4.Assignments │ A listing of assignments lets students know exactly what will be expected of them and allows them to work ahead if they desire and their instructor approves. Specify if any assignments are self-paced, if any assignments will be accepted early, when assignments will be graded and when grades will be posted. For online courses it is especially important to clarify how assignments should be submitted (email or LMS), what kind of files are accepted, how email subject lines should be titled, and if hand written and scanned or faxed assignments are acceptable. Keep in mind that submittal of hand written assignments should be discouraged as they are more difficult to read, store, and electronically grade. Advise students to save and back up all their assignments and lab reports to protect themselves in the event of a computer or system crash. Some common assignments in an online lab course include:

  • Required Reading: Include dates by which readings are expected to have been completed for discussion and quiz purposes.
  • Lab Assignments: Advise students to always read their lab assignments at least a week in advance, preferably upon completion of the prior lab assignment, in case there are any materials to be acquired or steps that should be completed early. It is also helpful to warn students in advance about experimental procedures that may take additional time such as a culture or reaction that will have to be observed for several days.
  • Discussion Board(s) Participation: Provide details about the expected quality and quantity of postings within set time frames for both the course and the lab discussion boards. Give examples of good postings that add to the group’s knowledge base and unacceptable postings such as: I agree.
  • Online Quizzes and Exams: Advise if and which quizzes and exams are open or closed book, if they are timed, if they can be repeated, and if they are randomized. Including a syllabus quiz encourages students to read the syllabus and a lab safety quiz reinforces safety concepts as well as encourages students to study their lab safety materials more carefully.
  • Proctored Exams: Tell students how to find acceptable locations and individuals to administer a proctored exam and what kind of communication will be needed from or with individuals to qualify them to be proctors for examinations.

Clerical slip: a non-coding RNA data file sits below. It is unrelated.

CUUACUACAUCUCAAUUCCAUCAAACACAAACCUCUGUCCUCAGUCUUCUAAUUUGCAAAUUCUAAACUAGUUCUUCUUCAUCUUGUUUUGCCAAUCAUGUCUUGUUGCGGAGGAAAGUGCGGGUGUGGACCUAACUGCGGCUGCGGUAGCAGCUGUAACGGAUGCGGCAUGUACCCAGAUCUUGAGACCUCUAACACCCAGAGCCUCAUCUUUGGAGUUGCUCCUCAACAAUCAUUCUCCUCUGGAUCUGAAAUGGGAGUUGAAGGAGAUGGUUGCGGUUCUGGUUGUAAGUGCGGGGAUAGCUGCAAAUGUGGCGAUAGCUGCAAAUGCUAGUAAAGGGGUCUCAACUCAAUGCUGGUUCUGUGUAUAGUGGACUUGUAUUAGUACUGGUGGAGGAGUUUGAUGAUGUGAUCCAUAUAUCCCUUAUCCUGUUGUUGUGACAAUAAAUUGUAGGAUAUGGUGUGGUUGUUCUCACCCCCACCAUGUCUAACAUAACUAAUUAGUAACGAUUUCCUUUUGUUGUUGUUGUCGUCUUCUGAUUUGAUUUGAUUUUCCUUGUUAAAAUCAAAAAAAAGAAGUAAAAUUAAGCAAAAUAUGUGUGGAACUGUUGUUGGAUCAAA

5.Important Information & Policies │ Use this section to include any important additional information and policies regarding the course, including:

  • Net Etiquette: Include a summary of the instructor and institution’s rules and expectations regarding both online and off-line interactions and the consequences for breech of these policies. Include links to the students’ handbook, the institution’s net etiquette policy, and netiquette websites.
  • Drop Policy: Provide explicit details regarding your own and the institution’s drop policy
  • Late Policy and Incompletes: Unless the course is fully self-paced, late policies should be structured to keep students on track and on time in completing assignments and the course. Once students fall behind, it is very, very difficult for them to catch up.
  • Plagiarism and Academic Dishonesty: Students should be sternly warned against cheating themselves and risking their time and financial investment by engaging in plagiarism and academic dishonesty. Include your own and the institution’s policies and penalties for academic integrity infringements on all assignments, including lab reports. Since some students do not genuinely understand the fine line between referencing and plagiarizing information, provide examples and/or instructional websites to help them fully understand academic integrity issues.
  • Special Accommodation and Non-Discrimination: Include appropriate statements in compliance with institutional guidelines that reasonable accommodations can be made for students with physical and learning disabilities and that no student will be discriminated against on the basis of race color, national or ethnic origin, religion, sex, or sexual orientation.